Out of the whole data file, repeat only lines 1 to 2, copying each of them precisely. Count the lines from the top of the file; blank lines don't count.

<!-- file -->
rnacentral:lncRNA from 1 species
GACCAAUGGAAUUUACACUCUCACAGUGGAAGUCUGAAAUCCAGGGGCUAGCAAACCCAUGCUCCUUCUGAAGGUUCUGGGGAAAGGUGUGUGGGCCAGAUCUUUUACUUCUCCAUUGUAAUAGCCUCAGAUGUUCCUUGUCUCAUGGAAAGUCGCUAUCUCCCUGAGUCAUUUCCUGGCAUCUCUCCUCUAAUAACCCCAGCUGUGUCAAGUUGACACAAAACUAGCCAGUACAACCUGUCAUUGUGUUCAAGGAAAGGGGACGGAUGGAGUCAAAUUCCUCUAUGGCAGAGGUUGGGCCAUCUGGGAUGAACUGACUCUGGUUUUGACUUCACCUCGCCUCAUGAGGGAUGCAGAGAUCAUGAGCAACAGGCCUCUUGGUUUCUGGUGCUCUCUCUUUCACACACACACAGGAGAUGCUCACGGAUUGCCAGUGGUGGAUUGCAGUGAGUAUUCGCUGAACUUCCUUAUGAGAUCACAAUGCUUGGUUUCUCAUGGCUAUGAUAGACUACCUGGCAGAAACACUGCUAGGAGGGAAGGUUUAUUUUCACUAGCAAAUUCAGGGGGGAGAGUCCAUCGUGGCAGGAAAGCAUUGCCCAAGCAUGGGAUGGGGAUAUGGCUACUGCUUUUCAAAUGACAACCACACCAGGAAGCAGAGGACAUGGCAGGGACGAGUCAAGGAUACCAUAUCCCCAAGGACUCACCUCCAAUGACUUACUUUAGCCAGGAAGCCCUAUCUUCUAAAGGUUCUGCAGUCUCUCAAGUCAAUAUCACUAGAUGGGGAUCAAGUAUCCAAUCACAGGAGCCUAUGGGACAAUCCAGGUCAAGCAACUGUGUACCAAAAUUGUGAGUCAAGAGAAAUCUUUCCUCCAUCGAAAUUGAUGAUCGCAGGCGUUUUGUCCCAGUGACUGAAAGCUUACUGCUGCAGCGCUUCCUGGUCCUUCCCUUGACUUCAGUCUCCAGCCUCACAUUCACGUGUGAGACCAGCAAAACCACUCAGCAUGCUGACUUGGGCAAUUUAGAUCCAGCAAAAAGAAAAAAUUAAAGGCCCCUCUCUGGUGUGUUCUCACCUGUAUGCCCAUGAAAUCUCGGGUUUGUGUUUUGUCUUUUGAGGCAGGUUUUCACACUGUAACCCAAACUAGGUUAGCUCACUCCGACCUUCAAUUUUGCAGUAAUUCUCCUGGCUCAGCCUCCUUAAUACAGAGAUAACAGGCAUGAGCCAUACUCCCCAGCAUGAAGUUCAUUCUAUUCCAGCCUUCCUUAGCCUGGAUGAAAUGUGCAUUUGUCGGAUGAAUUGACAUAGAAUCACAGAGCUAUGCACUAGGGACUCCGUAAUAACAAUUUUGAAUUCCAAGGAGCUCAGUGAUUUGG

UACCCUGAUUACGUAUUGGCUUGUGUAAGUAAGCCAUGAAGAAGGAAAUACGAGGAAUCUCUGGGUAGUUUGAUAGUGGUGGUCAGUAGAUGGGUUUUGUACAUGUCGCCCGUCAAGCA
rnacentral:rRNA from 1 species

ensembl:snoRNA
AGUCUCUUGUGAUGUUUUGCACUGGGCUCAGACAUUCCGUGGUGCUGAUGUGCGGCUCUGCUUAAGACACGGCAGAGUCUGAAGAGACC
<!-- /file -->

rnacentral:lncRNA from 1 species
GACCAAUGGAAUUUACACUCUCACAGUGGAAGUCUGAAAUCCAGGGGCUAGCAAACCCAUGCUCCUUCUGAAGGUUCUGGGGAAAGGUGUGUGGGCCAGAUCUUUUACUUCUCCAUUGUAAUAGCCUCAGAUGUUCCUUGUCUCAUGGAAAGUCGCUAUCUCCCUGAGUCAUUUCCUGGCAUCUCUCCUCUAAUAACCCCAGCUGUGUCAAGUUGACACAAAACUAGCCAGUACAACCUGUCAUUGUGUUCAAGGAAAGGGGACGGAUGGAGUCAAAUUCCUCUAUGGCAGAGGUUGGGCCAUCUGGGAUGAACUGACUCUGGUUUUGACUUCACCUCGCCUCAUGAGGGAUGCAGAGAUCAUGAGCAACAGGCCUCUUGGUUUCUGGUGCUCUCUCUUUCACACACACACAGGAGAUGCUCACGGAUUGCCAGUGGUGGAUUGCAGUGAGUAUUCGCUGAACUUCCUUAUGAGAUCACAAUGCUUGGUUUCUCAUGGCUAUGAUAGACUACCUGGCAGAAACACUGCUAGGAGGGAAGGUUUAUUUUCACUAGCAAAUUCAGGGGGGAGAGUCCAUCGUGGCAGGAAAGCAUUGCCCAAGCAUGGGAUGGGGAUAUGGCUACUGCUUUUCAAAUGACAACCACACCAGGAAGCAGAGGACAUGGCAGGGACGAGUCAAGGAUACCAUAUCCCCAAGGACUCACCUCCAAUGACUUACUUUAGCCAGGAAGCCCUAUCUUCUAAAGGUUCUGCAGUCUCUCAAGUCAAUAUCACUAGAUGGGGAUCAAGUAUCCAAUCACAGGAGCCUAUGGGACAAUCCAGGUCAAGCAACUGUGUACCAAAAUUGUGAGUCAAGAGAAAUCUUUCCUCCAUCGAAAUUGAUGAUCGCAGGCGUUUUGUCCCAGUGACUGAAAGCUUACUGCUGCAGCGCUUCCUGGUCCUUCCCUUGACUUCAGUCUCCAGCCUCACAUUCACGUGUGAGACCAGCAAAACCACUCAGCAUGCUGACUUGGGCAAUUUAGAUCCAGCAAAAAGAAAAAAUUAAAGGCCCCUCUCUGGUGUGUUCUCACCUGUAUGCCCAUGAAAUCUCGGGUUUGUGUUUUGUCUUUUGAGGCAGGUUUUCACACUGUAACCCAAACUAGGUUAGCUCACUCCGACCUUCAAUUUUGCAGUAAUUCUCCUGGCUCAGCCUCCUUAAUACAGAGAUAACAGGCAUGAGCCAUACUCCCCAGCAUGAAGUUCAUUCUAUUCCAGCCUUCCUUAGCCUGGAUGAAAUGUGCAUUUGUCGGAUGAAUUGACAUAGAAUCACAGAGCUAUGCACUAGGGACUCCGUAAUAACAAUUUUGAAUUCCAAGGAGCUCAGUGAUUUGG